“One of the plaintiffs in this lawsuit, Eugene Stroman signed a lease to his apartment a little over a week ago. The city’s goal is to try to help as many of the homeless people of Houston to get off the dirt and under a roof—to find housing,” Eichenbaum said in the Aug. 18 affidavit.

Stroman is one of three lead plaintiffs. He was living with his wife in a Houston homeless camp in May and making a few bucks repairing bikes with spare parts he kept next to his tent, according to the class action.

Eichenbaum said the city has spent thousands of dollars cleaning up the Wheeler encampment and another camp under the same freeway near the Houston Astros’ Minute Maid Park, and has collected 16 tons of “waste” at the sites.

“As there is no running water or toilet facilities in this area, the homeless use buckets and sometime defecate in these areas,” his filing states.

Eichenbaum emphasized the ban is focused on homeless people living in tents because trash accumulates and attracts rats in their encampments.

“The ordinance does not prohibit people from sleeping on the streets. It does not prohibit people from having blankets or sleeping bags to shelter themselves from the elements,” his affidavit states.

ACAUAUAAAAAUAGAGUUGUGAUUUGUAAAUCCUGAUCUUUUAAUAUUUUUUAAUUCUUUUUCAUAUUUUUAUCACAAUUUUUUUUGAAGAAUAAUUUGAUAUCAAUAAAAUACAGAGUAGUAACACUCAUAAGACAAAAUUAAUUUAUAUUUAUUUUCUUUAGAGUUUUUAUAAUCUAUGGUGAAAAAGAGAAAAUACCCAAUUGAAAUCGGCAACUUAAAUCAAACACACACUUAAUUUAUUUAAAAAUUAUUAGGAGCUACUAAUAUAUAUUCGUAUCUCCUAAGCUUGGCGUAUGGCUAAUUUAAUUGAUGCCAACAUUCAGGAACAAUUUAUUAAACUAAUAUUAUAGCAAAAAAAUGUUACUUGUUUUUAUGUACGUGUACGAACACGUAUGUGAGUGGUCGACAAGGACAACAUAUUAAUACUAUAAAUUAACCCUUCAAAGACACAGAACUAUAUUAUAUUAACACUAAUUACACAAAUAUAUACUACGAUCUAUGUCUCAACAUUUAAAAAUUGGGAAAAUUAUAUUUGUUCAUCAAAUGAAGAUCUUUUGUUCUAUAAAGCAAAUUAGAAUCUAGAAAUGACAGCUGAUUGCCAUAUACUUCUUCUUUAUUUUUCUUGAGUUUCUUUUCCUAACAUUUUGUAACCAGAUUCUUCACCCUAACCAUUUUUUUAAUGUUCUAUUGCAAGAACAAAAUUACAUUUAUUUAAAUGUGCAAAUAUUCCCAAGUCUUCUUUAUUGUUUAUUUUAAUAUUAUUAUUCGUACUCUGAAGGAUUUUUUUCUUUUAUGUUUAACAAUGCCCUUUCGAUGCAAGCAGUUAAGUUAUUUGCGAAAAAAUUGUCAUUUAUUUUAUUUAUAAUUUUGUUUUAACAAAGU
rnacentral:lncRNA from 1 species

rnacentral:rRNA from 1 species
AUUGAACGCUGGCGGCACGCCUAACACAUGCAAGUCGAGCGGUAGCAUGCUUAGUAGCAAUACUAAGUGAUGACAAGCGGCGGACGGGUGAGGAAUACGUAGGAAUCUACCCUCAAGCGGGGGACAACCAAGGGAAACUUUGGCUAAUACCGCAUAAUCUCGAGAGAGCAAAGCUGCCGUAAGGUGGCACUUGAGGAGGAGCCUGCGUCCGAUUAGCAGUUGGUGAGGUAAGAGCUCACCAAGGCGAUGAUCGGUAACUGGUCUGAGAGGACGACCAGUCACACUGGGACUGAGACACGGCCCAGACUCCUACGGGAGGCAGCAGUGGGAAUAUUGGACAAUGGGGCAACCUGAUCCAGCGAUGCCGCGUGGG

Eichenbaum said the city has even offered to store people’s things, without charge, while they stay in shelters, which only let people bring in a minimal amount of personal property due to a lack of space.

The Star of Hope runs a 320-bed men’s shelter and a 274-bed shelter for single women, mothers and children in Houston.  Its public relations director Scott Arthur said its shelters have been full for the last two years with people sometimes sleeping on the floor.

Founded by a Baptist minister in 1907, the Star of Hope welcome homeless people who have never been to their shelters at all hours, Arthur said, but it enforces a strict schedule for returnees.

“If they’ve been in our shelter they know that we do have a schedule where they have to be in the shelters by 1 p.m. in the afternoon, they have to get a bed ticket around 8 a.m., they know the process,” he said an interview.